Mercy, Paul Bocuse - Fine Dining on the Saône River
Posted by Rebecca Sellet
Posted in: Tauck’s Travelogue
Tags: France, River Cruise, Food and Wine
Pardon the play on words here but after experiencing one of the most amazing dining experiences of my life at Michelin-starred Chef Paul Bocuse’s restaurant riverfront in Lyon, let’s just say that I am powerless to resist any of his culinary temptations. And judging by the expressions of joyful indulgence on the faces of my fellow Tauck “tasters,” this is one dining experience Tauck guests won’t want to miss!
My colleagues and I are in France road-and river-testing our 2013-2014 riverboat trips. We are revisiting the places and experiences we feature on our Rhône River cruise to make sure everything we include is up to our very high standards. Last night, our riverboat, ms Swiss Emerald, docked right in front of a restaurant we will dine at in Lyon on “A Taste of France” next year. The location of the restaurant in an old abbey named in memory of the monks on the Ile-Barbe, and owned by a Paul Bocuse relative known for her cooking by the local country folk back in 1765, revved up our appetites for an interesting evening of culinary history. Truth be told, we had no idea just how history making it would be.
Our dinner started with an “amuse bouche” of the Chef’s choosing. Translated, literally, this means “mouth pleaser” and it put the first of many smiles on our faces after we tasted it! Next up was Lobster Française, a savory, oh-so-delicate bisque that married farm-fresh butter and cream with succulent lobster meat, winning ingredients made even more incredible by the seasoned talent of our host. His famous Bresse Chicken followed, with more cream and delectable morel mushrooms, giving us another delicious hint as to why Paul Bocuse has been awarded the highest number of Michelin stars possible for his cooking! It may seem odd to have a tire company rate fine dining quality, but the Michelin company launched its first guide book to encourage road tripping in France back in 1900, and then started to anonymously rate restaurants on its three-star system in 1926. Today, this coveted rating still relies on reports by secret reviewers who are supposed to judge the “quality, mastery of technique, personality and consistency of the food.” Three stars mean exceptional cuisine worthy of a special journey.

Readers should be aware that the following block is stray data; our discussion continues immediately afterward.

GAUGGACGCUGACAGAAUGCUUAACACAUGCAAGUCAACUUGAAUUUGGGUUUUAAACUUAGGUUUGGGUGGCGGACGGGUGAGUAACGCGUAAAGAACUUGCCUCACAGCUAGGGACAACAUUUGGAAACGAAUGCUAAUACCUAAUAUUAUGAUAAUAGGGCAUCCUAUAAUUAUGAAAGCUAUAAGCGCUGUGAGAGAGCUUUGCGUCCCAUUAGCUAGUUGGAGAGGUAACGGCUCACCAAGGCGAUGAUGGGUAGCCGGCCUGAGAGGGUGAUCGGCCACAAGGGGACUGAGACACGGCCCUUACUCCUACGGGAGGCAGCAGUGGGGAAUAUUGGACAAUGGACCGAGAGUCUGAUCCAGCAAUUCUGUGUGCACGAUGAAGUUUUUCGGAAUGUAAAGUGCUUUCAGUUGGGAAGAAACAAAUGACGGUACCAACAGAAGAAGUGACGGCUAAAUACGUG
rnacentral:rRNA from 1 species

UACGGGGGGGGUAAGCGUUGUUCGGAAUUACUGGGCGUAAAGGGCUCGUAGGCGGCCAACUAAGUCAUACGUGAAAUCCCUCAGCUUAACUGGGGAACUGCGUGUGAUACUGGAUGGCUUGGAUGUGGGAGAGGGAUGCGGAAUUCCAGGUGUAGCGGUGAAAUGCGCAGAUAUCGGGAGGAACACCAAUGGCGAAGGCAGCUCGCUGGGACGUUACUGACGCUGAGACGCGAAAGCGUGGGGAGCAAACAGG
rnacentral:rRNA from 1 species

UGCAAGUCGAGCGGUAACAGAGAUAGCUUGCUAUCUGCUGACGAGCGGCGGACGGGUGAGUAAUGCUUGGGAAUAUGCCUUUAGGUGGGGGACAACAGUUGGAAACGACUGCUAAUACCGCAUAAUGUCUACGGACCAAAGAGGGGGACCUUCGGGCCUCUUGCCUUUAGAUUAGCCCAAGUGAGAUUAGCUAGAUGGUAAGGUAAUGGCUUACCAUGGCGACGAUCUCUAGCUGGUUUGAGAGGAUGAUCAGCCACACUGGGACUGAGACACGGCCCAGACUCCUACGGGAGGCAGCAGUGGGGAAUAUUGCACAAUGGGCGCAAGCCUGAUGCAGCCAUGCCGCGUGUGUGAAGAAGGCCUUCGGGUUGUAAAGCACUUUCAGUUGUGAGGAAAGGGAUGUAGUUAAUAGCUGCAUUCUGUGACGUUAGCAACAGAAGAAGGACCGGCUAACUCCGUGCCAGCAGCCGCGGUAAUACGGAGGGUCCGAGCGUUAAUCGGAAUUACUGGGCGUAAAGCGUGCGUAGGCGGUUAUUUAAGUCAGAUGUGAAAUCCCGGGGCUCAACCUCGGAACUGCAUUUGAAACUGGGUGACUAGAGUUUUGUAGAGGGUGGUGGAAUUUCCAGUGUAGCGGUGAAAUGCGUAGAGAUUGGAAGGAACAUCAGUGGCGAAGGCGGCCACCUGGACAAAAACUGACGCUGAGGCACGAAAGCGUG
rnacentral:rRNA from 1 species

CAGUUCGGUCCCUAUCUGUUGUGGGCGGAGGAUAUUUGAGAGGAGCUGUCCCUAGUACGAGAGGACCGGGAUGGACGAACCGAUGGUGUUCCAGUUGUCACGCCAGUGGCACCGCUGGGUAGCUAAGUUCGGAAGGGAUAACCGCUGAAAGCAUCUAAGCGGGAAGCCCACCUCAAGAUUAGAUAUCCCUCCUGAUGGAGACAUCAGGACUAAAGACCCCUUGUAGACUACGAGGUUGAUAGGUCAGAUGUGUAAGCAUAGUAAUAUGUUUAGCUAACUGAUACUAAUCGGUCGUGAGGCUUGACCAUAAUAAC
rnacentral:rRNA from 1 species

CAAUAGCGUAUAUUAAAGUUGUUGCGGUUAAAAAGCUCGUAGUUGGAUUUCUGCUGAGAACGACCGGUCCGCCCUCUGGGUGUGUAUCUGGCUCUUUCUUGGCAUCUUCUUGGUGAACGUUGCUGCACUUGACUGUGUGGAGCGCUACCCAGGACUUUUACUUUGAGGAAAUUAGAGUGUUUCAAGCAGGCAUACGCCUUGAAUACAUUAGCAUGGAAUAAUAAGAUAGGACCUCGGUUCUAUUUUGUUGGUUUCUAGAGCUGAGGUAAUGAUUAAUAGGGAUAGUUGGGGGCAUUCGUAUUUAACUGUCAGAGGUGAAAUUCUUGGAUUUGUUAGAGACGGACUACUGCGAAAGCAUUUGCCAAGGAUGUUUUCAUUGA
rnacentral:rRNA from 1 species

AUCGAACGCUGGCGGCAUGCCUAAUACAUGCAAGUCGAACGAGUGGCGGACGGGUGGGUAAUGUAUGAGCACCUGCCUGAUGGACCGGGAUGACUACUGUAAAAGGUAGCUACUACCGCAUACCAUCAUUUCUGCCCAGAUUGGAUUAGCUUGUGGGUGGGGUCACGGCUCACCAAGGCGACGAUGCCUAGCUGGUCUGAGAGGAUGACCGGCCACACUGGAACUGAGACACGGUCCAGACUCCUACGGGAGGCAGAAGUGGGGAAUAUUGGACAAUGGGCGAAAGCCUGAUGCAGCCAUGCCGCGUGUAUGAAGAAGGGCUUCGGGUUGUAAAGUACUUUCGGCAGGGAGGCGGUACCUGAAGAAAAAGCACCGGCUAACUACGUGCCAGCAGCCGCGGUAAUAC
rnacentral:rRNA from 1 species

We sipped and savored a different French wine with each course – they’re all produced locally under a strict, government-approved appellation – perfectly selected by the sommelier to complement and enhance every morsel of the meal. Dessert tantalized with another amuse bouche – we were grinning by now – a cheese platter and a choice of sweets. How about fresh berries in a Beaujolais sauce? Magnifique!
And the tableside service? It was flawless and a show in itself, especially when Paul Bocuse came out to personally wish our table a Bon Appetit!
A few hours later, at the conclusion of our Paul Bocuse dining experience, we reluctantly rolled out of the restaurant, seriously sated, incredibly impressed and in almost total agreement with the discerning tastes of those Michelin star reviewers… We were thinking that Paul Bocuse deserved yet one more star for our dinner at l’Abbaye de Collonges! I can’t wait to hear what our guests will have to say!
Merci, Chef Bocuse!